Does a dog have any self control? That’s a good question and I’m not sure if I know the answer.
Let’s examine food in relation to self control. I’m pretty well-behaved, so they tell me. I’ve seen other dogs constantly scrounging for food and I don’t do that. I would if I could, but the scrounger has been trained out of me by my family. Another training technique they used was making me wait for my meals. Oh, the sweet torture! Shoes on the Floor would give me the command to sit, put food in my bowl and make me wait about fifteen excruciating seconds (full of drool, need and want) before saying the magic word, “Okay.”
I guess that training has set me up to behave pretty well around food. Doesn’t mean I’m not opportunistic… read on, my sisters.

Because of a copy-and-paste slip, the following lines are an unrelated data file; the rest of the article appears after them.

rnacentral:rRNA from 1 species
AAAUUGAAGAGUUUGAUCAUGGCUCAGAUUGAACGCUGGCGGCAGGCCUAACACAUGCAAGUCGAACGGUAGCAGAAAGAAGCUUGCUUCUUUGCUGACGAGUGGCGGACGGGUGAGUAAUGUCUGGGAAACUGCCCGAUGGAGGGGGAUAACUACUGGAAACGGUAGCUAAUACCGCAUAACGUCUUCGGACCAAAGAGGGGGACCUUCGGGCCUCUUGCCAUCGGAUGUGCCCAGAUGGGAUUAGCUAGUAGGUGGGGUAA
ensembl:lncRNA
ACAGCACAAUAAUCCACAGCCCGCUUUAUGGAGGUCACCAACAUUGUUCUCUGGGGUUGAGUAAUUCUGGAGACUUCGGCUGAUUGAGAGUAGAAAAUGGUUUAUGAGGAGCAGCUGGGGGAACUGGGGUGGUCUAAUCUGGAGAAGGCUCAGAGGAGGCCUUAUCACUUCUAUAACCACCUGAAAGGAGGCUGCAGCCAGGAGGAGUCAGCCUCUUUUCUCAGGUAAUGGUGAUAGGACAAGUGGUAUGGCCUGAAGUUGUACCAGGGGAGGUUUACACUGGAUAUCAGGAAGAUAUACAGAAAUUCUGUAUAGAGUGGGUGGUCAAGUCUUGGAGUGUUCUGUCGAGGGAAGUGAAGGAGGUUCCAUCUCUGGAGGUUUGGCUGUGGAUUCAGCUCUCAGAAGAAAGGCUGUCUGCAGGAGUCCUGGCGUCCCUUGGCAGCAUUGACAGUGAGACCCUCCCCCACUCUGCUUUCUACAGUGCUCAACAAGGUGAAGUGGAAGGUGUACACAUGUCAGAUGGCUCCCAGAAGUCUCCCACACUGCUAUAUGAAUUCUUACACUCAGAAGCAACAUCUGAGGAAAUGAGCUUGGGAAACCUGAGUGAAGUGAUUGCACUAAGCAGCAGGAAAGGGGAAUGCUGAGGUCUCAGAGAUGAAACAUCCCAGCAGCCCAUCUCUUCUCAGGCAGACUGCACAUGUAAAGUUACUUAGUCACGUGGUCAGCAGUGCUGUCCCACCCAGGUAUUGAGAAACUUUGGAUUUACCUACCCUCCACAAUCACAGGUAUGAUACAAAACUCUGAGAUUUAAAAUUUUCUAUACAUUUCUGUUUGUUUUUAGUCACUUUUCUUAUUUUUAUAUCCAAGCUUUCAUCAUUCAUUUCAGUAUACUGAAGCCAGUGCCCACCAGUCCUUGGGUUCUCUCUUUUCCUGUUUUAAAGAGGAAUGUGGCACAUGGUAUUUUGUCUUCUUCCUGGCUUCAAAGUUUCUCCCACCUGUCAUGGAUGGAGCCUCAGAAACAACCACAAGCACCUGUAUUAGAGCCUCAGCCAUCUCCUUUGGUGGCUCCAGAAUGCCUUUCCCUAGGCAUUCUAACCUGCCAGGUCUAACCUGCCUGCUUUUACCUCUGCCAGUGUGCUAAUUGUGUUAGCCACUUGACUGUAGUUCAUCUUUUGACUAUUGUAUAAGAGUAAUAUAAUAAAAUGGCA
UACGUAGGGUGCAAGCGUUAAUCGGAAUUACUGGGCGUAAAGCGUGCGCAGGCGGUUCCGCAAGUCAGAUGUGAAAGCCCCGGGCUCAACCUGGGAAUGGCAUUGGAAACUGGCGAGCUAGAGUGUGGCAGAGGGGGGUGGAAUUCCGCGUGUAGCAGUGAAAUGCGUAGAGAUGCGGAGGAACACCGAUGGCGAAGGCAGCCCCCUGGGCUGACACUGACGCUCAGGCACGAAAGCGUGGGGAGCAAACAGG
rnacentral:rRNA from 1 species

A-Dog used to do a lot of baking B.C. and I was not much interested in the end result. Although that chocolate smell is dee-vine! In the baking process, sometimes it makes sense to bring butter to room temperature, which means it needs to sit out for a couple hours. And in that couple hours, I may catch a whiff of said butter about 1,874 times. I don’t think it’s a question of self control when there is torture involved.
The score? Scout the Dog 2 — Sticks of Butter 0.
Then there was the Onion Kulcha – oy! Unfortunately, onions are toxic for dogs. But I am a self-confessed bread hound. Love the stuff. I find it hard to resist under regular circumstances, but the fragrant Indian bread, makes my nose dance. Left unattended, I made that flat loaf all mine. The confusion and panic that ensued may have been funny, if not for the call to Doggie Poison Control and the words induce vomiting. I’ll spare you the details, but “better in than out” has a whole new meaning for me now.
I guess from these examples of behavior that self control is a human trait and we dogs still rely on instinct. Makes us charming and disarming, yes? And that photo above? I had just eaten a sandwich off the counter. Will they never learn?